I think as an actor, I’m able to portray this character to show the audience that there are more colours to him and that there are more sides to him. The complexity I feel can kind of confuse the audience a little bit and [they] go “Oh, I thought he was bad, but he seems to be really down to earth and really real. Maybe this is a different production, maybe this is a different telling of Frozen.” That’s what I really want to make the audience think, to question everything that they thought they knew about the show.

As far as bringing myself to the production, honestly I just feel like Thomas onstage, and I think that’s the joy of it, too. That’s where I find my realness and that’s where I find my groundedness. I can be me onstage. And then what’s disguising me as a character layer is the fabulous costumes, the amazing lights, the fantastic music that we all know and love with some extra ones to boot. I get to hide Thomas underneath all those layers and essentially just play me.

But as far as the villainous side goes, as an actor, I find that really juicy and I find that really tantalising to be able to get the audience on side and then to absolutely (laughs) – to put it bluntly, to absolutely crush their dreams. And I think that’s what Disney is really good at doing. I feel like they’re so good at writing characters and storylines where you believe one thing to be happening for only then another thing to occur. It’s that sort of misdirection that really creates a great Disney story nowadays, and Frozen does that so well.

This is a character who I’m pretty sure is the first Disney prince in Disney cinema history to turn. And that in itself is quite monumental because it redefines what we believe a Disney prince to be, and more broadly what we believe people to be as like a surface level kind of affect. It’s the whole not judging a book by its cover, but sort of in reverse where, you know, the outer layer is beautiful and lovely and charming. However, the inner layer is quite dark and sinister. I find that really tantalising as an actor to be able to play that character. [When] I’m (laughs) finishing the show and bowing, people’s claps sort of disappear and dissipate because they don’t really want to be cheering for that. I walk away and I go “Well, that means I’ve done my job. I’ve made people believe one thing and then absolutely crushed their dreams the next.”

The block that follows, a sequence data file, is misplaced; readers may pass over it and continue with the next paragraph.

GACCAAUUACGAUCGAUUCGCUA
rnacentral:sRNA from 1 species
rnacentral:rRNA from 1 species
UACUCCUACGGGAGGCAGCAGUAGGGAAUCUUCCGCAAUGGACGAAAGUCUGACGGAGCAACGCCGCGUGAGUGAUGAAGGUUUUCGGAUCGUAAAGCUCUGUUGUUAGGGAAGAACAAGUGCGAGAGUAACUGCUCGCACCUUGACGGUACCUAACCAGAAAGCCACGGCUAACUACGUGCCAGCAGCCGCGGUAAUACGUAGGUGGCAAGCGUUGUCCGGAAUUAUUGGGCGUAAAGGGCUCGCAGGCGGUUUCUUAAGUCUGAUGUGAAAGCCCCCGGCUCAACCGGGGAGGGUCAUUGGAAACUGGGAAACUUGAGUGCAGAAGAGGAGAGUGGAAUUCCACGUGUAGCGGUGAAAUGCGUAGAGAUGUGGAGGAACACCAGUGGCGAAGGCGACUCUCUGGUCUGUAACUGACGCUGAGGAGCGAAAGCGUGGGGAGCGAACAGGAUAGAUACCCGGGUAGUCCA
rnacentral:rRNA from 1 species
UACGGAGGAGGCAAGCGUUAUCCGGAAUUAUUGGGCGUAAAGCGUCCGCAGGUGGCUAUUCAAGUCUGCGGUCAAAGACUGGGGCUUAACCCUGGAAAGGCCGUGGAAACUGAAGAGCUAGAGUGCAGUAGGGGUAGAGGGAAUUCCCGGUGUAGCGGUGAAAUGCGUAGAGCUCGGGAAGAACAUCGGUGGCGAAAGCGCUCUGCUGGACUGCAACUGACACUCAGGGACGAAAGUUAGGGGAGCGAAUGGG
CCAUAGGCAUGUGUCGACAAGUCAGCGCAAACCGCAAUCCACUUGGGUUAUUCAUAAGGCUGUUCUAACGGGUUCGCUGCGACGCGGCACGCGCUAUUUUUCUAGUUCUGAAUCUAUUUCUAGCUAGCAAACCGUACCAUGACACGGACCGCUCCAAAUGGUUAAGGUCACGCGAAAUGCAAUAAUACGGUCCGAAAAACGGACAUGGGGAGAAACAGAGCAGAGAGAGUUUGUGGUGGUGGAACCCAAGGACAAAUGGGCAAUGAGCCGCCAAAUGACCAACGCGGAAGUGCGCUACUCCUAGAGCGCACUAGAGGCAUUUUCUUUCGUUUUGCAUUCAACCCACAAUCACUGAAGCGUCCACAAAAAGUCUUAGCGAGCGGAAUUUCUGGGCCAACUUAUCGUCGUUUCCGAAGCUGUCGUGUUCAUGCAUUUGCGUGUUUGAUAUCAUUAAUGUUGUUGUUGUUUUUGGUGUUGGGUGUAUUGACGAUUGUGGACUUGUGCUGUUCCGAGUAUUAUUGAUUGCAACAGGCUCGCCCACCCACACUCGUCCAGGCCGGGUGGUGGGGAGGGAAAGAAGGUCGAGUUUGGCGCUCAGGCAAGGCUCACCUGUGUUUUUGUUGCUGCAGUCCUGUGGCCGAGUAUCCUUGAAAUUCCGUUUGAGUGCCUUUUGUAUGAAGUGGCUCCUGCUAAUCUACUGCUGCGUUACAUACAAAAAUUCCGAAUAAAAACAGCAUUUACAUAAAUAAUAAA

That’s what I love about bringing myself to the characters that I get to play. I get to have fun and I get to play alongside some amazing actors and actresses who are just giving their all, and that inspires me to give my all every single show as well. It’s a lot of fun. And for anyone who’s seen it, it can be pretty clear just how much fun we’re having up there with what we do. Even something like Love Is An Open Door, the famous number that we know from 2013, it’s so much more expanded and lovely and wonderful and it has its own dance break in the middle, and that just brings so much more joy and fun to it. I can’t help but bring myself to that because I want to enjoy the fun and thrill of it as much as we’re sharing it with the audience. I think that’s the fun play that we get to have with the audience.

Of course. Let’s talk about one of your co-stars, Courtney [Monsma] who you spend quite a bit of time with. What’s it like working alongside her?

TM: First and foremost, she’s an incredibly hard-working passionate performer who wants to give her best to her role as Anna as possible. You know, in a way she is Anna personified in real life. She would probably say this herself and probably wouldn’t mind me saying it as well. There is so much alike between Anna and herself, and I think she’s perfectly cast in this role, and she really takes it on with pride, and she takes it on with an immense amount of gratitude.

I remember meeting her and working with her in the rehearsal room and figuring out how much this was working and just how similar we were in many different ways. That really created a format for us to play and have a lot of fun on stage. We still remark to this day every time we do Love Is An Open Door, we think back to the rehearsal room and remember, “Do you remember how hard it was to do this number?” We’re flipping each other around and she’s doing cartwheels and I’m throwing her over my shoulder and it’s all just so wild, all while we’re singing, of course. We just laugh about it all the time, going “Remember when this was like hard? Remember when this was so incredibly difficult that we couldn’t breathe?”

Those moments are really what captures the sort of relationship that Court and I have. We’re out there having fun and being ourselves. Honestly, it’s such a pleasure to be playing alongside someone who’s so present in what they do and who is having as much fun or if not more fun than I am on stage. She’s amazing. She’s incredible.